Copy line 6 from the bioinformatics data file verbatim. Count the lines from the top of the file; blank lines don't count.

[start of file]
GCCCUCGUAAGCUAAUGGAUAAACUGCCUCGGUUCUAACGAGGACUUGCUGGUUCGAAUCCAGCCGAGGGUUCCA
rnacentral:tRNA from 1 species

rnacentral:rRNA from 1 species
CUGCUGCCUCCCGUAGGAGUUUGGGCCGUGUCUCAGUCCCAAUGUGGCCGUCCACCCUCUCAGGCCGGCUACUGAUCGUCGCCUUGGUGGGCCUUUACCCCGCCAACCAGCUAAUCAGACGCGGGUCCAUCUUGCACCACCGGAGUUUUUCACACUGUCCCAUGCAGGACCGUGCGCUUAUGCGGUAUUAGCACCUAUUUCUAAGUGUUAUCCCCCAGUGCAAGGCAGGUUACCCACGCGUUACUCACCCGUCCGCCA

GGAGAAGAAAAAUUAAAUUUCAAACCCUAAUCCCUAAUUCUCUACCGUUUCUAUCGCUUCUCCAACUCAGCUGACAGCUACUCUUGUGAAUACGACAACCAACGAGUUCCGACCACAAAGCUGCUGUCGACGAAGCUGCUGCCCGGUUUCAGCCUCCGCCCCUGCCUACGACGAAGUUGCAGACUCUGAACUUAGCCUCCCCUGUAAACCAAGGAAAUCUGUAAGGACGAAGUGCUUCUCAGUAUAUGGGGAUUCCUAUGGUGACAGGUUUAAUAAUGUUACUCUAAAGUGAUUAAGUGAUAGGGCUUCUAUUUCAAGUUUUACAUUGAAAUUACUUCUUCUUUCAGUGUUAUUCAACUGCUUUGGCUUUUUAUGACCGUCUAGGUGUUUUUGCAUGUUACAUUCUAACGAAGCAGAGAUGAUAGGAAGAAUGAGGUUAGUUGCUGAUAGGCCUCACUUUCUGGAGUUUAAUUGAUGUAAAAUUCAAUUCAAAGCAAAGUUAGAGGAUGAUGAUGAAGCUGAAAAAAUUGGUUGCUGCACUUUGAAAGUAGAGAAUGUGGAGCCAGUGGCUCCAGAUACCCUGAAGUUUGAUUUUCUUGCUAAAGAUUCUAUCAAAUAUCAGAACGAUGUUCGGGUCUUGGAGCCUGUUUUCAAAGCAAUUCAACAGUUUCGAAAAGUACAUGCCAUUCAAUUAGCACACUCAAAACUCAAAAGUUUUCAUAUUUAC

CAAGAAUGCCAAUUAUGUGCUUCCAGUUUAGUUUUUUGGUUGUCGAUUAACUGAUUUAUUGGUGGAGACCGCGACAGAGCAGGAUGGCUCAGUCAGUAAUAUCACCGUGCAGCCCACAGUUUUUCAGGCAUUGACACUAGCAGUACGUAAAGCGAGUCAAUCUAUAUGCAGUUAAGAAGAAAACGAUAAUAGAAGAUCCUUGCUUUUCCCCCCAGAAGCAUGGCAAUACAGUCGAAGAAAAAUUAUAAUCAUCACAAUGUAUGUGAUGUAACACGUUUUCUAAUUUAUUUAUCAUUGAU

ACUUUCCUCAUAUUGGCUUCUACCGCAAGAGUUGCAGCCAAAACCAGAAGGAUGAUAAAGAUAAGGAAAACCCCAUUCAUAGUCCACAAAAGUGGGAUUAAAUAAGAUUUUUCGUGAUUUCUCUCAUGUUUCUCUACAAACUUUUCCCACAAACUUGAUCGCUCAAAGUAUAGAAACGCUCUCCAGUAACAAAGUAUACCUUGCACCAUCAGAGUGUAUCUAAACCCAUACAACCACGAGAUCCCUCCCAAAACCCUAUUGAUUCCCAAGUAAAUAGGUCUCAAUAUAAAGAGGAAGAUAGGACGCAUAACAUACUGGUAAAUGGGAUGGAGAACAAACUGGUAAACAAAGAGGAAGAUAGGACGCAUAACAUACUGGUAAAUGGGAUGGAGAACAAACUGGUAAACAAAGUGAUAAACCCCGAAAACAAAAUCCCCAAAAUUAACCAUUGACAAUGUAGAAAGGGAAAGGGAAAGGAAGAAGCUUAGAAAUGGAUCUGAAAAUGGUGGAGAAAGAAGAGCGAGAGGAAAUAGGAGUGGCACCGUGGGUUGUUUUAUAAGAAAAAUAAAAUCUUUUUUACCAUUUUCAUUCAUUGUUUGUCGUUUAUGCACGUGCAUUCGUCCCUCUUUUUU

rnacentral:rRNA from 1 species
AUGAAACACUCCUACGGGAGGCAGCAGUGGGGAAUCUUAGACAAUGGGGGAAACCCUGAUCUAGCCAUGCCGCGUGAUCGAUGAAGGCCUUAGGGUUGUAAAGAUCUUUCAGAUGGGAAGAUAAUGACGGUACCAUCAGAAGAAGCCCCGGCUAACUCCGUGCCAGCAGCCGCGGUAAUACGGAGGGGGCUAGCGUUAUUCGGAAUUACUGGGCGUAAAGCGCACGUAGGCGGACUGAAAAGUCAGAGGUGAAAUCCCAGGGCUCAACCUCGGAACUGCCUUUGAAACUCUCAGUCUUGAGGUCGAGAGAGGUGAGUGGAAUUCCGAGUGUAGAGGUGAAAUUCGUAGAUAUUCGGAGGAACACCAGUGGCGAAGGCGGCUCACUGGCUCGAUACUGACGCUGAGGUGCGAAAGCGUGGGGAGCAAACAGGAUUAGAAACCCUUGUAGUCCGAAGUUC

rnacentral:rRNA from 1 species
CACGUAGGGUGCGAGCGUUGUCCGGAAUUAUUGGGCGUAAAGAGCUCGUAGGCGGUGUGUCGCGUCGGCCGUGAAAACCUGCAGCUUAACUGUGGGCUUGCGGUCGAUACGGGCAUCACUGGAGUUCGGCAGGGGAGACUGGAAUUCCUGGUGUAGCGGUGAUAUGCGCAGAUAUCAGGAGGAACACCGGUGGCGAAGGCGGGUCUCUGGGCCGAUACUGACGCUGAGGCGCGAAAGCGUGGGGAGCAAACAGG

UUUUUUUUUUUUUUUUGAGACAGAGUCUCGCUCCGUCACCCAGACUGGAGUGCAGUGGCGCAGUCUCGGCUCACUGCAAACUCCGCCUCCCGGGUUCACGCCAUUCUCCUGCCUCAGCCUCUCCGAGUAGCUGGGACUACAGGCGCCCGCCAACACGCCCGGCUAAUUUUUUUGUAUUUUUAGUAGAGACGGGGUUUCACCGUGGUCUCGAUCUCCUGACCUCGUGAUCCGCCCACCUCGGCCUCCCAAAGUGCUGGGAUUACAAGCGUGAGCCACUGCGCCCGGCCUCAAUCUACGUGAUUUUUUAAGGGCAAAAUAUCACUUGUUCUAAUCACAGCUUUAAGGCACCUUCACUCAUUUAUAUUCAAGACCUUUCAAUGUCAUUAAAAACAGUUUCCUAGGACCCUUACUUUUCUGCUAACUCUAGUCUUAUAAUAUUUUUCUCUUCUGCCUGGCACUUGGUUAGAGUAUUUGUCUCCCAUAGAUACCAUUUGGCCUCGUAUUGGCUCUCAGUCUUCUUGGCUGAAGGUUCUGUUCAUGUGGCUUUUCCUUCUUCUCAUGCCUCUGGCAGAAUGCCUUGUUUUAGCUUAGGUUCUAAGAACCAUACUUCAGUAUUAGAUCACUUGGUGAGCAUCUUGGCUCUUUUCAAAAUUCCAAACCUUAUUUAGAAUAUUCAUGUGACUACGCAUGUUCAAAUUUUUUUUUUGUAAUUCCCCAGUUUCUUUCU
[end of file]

CAAGAAUGCCAAUUAUGUGCUUCCAGUUUAGUUUUUUGGUUGUCGAUUAACUGAUUUAUUGGUGGAGACCGCGACAGAGCAGGAUGGCUCAGUCAGUAAUAUCACCGUGCAGCCCACAGUUUUUCAGGCAUUGACACUAGCAGUACGUAAAGCGAGUCAAUCUAUAUGCAGUUAAGAAGAAAACGAUAAUAGAAGAUCCUUGCUUUUCCCCCCAGAAGCAUGGCAAUACAGUCGAAGAAAAAUUAUAAUCAUCACAAUGUAUGUGAUGUAACACGUUUUCUAAUUUAUUUAUCAUUGAU